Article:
Willmar graduate Hiep Nguyen finds a community around the pottery wheel


— Hiep Nguyen started drawing and painting when he was a boy growing up in Vietnam. It was a past time that came with him when the family immigrated to the United States and settled in Willmar when Nguyen was 15.

"It is something I have been doing since I was little," Nguyen said. "It was always a hobby on the side of everything else."

Art is a hobby Nguyen continued to foster through high school and college, even though he focused on science, not art. He graduated from Willmar High School and then attended Ridgewater College for two years before transferring to St. Cloud State University where he completed his bachelor's degree in environmental science and chemistry. He is now working on his master's in environmental chemistry at SCSU while he works as a quality system coordinator at Cold Spring Brewery.

But art still holds a special place in Nguyen's life, and today he focuses on a new medium — pottery. He was introduced to pottery at the

Paramount Center for the Arts in St. Cloud

, where Nguyen worked as a visual arts assistant. Not only did he learn how to work in a completely new medium, but he found himself surrounded by like-minded people.

"I have a community now," Nguyen said. "It is more encouraging to do it as a group of people instead of painting by yourself in a basement."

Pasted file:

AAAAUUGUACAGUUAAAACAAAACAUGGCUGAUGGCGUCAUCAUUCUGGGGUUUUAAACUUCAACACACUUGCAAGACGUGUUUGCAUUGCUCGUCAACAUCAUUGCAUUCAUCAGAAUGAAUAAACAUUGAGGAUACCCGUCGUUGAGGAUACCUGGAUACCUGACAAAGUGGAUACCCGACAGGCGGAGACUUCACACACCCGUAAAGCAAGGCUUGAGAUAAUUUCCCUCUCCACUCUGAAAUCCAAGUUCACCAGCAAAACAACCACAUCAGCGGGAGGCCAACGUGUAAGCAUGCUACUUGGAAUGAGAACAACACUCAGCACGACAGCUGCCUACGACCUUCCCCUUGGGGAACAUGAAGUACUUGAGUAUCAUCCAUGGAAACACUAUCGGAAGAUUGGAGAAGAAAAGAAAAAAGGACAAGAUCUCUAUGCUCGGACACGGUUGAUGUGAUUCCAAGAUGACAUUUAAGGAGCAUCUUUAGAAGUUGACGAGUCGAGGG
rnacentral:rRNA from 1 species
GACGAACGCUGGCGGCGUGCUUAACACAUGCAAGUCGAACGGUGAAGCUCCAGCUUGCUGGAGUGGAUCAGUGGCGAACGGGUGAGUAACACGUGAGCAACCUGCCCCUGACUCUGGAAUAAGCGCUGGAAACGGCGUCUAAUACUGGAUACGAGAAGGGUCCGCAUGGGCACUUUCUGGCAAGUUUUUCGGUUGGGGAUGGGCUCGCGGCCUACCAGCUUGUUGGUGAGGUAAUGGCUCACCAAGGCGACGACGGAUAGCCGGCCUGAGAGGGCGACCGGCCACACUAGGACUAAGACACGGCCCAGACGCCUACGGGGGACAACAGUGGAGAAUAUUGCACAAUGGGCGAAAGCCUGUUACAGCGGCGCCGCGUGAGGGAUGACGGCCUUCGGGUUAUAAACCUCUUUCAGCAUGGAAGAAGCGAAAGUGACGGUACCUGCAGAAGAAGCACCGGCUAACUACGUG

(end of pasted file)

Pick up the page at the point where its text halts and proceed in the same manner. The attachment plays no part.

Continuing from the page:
Nguyen enjoys the physical aspect of pottery — how you use your entire body to create a bowl or vase. He likes using his hands to create something from a shapeless mound of clay.

"I do traditional forms," Nguyen said. "I try to stay with the round, curvature form."

As a potter, Nguyen said he likes to take his time with each individual piece and makes each one unique. His creations include earth globe vases, pieces painted with a yin and yang motif along with bowls, cups and tea pots of various finishes.

"Detailed and delicate is how I would describe my art," Nguyen said. "And unique too. They are all different."

Many of Nguyen's pieces are on display at the Willmar Education and Art Center as part of the "Paints and Pots" exhibit, a dual exhibit with Nguyen's pottery and paintings by Willmar painter Ana Serrano. (See the Jan. 25 edition of the Tribune for a profile on Serrano). The exhibit, put on by the

Willmar Area Arts Council

, is open 8:30 a.m. to 4 p.m. Monday through Friday through January at the WEAC.

Nguyen doesn't create his art to sell the pieces, though he has had some success there. For Nguyen, it is more about ephemeral gifts that he enjoys.

"It is very relaxing to do it. It is very satisfying with the clay and the movement the clay can do," Nguyen said. "It is a form of meditation."

Because he doesn't own his own pottery wheel, Nguyen does most of his art at the

Paramount Center for the Arts

, in its community studio. That, too, is part of the process Nguyen enjoys.

"It is a place to meet up with your people," to not only do art, but be social, Nguyen said. When the center shut down for several months because of the pandemic, Nguyen said it was a sad time, to lose that connection with people. "For me, it is a comfort place."

Nguyen also shares his love of pottery on social media. He posts videos of him making pottery on


. He urges people to give pottery a try if they've never have; they might just find a new hobby.

While Nguyen plans to find a job in a science field once he graduates, he never plans to give up his art. The fact that he doesn't have the pressure of making a living through his pottery is probably one of the reasons he enjoys making art so much.

"I have never had a thought to stop art," Nguyen said.